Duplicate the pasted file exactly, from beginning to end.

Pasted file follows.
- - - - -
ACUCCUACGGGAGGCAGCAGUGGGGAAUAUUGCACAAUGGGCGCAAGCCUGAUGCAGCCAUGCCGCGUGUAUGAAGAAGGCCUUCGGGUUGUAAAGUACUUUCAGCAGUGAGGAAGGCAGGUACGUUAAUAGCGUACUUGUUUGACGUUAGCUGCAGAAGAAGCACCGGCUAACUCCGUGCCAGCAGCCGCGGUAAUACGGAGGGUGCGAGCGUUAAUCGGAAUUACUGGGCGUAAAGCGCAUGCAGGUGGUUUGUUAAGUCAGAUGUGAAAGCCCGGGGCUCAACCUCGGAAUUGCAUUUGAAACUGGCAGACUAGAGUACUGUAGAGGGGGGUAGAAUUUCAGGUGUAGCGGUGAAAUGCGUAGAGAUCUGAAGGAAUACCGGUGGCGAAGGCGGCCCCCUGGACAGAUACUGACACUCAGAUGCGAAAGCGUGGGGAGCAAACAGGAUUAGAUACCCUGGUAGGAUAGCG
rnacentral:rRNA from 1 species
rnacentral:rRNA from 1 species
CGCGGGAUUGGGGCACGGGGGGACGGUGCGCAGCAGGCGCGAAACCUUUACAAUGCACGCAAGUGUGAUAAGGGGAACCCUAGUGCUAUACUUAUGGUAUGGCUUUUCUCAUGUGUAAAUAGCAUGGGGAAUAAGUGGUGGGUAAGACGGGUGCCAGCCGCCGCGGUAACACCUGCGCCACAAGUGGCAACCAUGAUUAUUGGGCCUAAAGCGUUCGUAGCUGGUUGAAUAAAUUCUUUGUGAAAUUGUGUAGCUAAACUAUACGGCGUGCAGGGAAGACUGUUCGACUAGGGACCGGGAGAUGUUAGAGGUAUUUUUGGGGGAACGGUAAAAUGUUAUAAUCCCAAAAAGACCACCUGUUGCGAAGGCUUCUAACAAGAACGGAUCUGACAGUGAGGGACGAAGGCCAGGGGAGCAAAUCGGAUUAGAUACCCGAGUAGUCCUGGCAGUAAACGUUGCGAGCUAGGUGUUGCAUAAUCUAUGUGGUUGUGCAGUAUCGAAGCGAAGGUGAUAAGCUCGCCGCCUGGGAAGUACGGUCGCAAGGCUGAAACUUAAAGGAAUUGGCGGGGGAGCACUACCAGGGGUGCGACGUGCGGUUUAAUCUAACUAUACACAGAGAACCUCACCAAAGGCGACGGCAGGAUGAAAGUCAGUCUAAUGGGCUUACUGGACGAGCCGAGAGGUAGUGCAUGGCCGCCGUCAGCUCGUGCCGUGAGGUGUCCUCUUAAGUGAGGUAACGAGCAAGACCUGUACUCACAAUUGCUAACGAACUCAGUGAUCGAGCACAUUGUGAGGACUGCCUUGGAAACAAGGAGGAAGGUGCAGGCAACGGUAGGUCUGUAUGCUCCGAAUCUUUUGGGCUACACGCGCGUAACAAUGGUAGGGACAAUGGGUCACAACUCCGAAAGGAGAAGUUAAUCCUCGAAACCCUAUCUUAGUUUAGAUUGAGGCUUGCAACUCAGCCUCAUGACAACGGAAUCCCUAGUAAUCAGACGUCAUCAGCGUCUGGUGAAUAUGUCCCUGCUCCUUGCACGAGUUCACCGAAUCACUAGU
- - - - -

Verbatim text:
ACUCCUACGGGAGGCAGCAGUGGGGAAUAUUGCACAAUGGGCGCAAGCCUGAUGCAGCCAUGCCGCGUGUAUGAAGAAGGCCUUCGGGUUGUAAAGUACUUUCAGCAGUGAGGAAGGCAGGUACGUUAAUAGCGUACUUGUUUGACGUUAGCUGCAGAAGAAGCACCGGCUAACUCCGUGCCAGCAGCCGCGGUAAUACGGAGGGUGCGAGCGUUAAUCGGAAUUACUGGGCGUAAAGCGCAUGCAGGUGGUUUGUUAAGUCAGAUGUGAAAGCCCGGGGCUCAACCUCGGAAUUGCAUUUGAAACUGGCAGACUAGAGUACUGUAGAGGGGGGUAGAAUUUCAGGUGUAGCGGUGAAAUGCGUAGAGAUCUGAAGGAAUACCGGUGGCGAAGGCGGCCCCCUGGACAGAUACUGACACUCAGAUGCGAAAGCGUGGGGAGCAAACAGGAUUAGAUACCCUGGUAGGAUAGCG
rnacentral:rRNA from 1 species
rnacentral:rRNA from 1 species
CGCGGGAUUGGGGCACGGGGGGACGGUGCGCAGCAGGCGCGAAACCUUUACAAUGCACGCAAGUGUGAUAAGGGGAACCCUAGUGCUAUACUUAUGGUAUGGCUUUUCUCAUGUGUAAAUAGCAUGGGGAAUAAGUGGUGGGUAAGACGGGUGCCAGCCGCCGCGGUAACACCUGCGCCACAAGUGGCAACCAUGAUUAUUGGGCCUAAAGCGUUCGUAGCUGGUUGAAUAAAUUCUUUGUGAAAUUGUGUAGCUAAACUAUACGGCGUGCAGGGAAGACUGUUCGACUAGGGACCGGGAGAUGUUAGAGGUAUUUUUGGGGGAACGGUAAAAUGUUAUAAUCCCAAAAAGACCACCUGUUGCGAAGGCUUCUAACAAGAACGGAUCUGACAGUGAGGGACGAAGGCCAGGGGAGCAAAUCGGAUUAGAUACCCGAGUAGUCCUGGCAGUAAACGUUGCGAGCUAGGUGUUGCAUAAUCUAUGUGGUUGUGCAGUAUCGAAGCGAAGGUGAUAAGCUCGCCGCCUGGGAAGUACGGUCGCAAGGCUGAAACUUAAAGGAAUUGGCGGGGGAGCACUACCAGGGGUGCGACGUGCGGUUUAAUCUAACUAUACACAGAGAACCUCACCAAAGGCGACGGCAGGAUGAAAGUCAGUCUAAUGGGCUUACUGGACGAGCCGAGAGGUAGUGCAUGGCCGCCGUCAGCUCGUGCCGUGAGGUGUCCUCUUAAGUGAGGUAACGAGCAAGACCUGUACUCACAAUUGCUAACGAACUCAGUGAUCGAGCACAUUGUGAGGACUGCCUUGGAAACAAGGAGGAAGGUGCAGGCAACGGUAGGUCUGUAUGCUCCGAAUCUUUUGGGCUACACGCGCGUAACAAUGGUAGGGACAAUGGGUCACAACUCCGAAAGGAGAAGUUAAUCCUCGAAACCCUAUCUUAGUUUAGAUUGAGGCUUGCAACUCAGCCUCAUGACAACGGAAUCCCUAGUAAUCAGACGUCAUCAGCGUCUGGUGAAUAUGUCCCUGCUCCUUGCACGAGUUCACCGAAUCACUAGU